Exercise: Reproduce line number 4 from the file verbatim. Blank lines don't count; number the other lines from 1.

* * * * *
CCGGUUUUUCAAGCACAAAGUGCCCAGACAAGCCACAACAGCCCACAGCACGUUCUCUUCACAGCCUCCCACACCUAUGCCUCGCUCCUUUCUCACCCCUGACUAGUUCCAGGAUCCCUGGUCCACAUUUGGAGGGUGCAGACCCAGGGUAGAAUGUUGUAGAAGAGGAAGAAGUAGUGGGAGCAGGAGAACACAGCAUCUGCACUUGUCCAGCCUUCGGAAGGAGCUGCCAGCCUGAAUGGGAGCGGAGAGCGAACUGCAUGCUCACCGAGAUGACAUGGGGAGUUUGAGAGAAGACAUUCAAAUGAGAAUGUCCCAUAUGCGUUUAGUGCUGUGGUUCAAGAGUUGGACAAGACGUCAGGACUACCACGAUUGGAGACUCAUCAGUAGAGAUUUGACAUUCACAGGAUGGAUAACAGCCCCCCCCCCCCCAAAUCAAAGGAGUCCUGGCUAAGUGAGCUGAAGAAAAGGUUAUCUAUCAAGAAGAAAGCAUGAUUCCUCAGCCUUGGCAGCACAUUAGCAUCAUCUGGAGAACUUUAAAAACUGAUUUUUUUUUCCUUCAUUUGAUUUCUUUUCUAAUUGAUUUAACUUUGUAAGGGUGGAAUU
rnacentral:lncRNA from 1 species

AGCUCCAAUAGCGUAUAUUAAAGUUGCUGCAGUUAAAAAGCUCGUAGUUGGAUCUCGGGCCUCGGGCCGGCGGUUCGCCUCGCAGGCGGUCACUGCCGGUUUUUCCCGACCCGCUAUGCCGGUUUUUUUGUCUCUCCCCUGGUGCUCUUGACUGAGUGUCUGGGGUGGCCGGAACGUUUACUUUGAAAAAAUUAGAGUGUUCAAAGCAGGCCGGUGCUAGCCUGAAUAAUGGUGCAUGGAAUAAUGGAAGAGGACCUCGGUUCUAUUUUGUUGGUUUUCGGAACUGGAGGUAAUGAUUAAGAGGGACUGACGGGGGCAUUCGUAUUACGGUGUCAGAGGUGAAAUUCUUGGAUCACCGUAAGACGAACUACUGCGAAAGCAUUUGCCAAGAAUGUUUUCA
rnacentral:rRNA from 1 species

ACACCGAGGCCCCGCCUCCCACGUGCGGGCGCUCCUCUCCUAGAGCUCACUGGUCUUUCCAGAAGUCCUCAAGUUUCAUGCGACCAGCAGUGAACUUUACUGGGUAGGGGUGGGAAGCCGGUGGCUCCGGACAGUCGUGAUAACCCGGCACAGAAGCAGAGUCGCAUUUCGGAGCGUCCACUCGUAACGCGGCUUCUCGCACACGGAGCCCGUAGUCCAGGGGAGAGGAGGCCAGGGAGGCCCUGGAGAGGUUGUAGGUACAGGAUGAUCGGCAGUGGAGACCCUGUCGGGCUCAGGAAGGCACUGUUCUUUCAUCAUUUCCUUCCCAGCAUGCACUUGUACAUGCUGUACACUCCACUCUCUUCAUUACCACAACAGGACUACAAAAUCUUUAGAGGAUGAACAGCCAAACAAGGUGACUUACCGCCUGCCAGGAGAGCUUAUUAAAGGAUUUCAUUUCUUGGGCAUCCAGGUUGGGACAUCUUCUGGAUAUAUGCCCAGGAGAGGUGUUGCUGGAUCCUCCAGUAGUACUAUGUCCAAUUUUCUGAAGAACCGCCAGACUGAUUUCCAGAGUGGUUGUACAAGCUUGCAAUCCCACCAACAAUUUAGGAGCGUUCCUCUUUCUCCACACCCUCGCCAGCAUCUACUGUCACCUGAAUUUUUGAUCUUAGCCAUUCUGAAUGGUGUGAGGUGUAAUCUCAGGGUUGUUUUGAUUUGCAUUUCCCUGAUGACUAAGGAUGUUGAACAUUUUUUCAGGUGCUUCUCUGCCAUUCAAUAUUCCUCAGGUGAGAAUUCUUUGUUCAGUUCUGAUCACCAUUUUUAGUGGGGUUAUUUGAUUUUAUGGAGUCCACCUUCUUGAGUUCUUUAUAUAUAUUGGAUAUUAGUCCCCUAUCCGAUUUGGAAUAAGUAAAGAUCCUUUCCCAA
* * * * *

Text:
rnacentral:rRNA from 1 species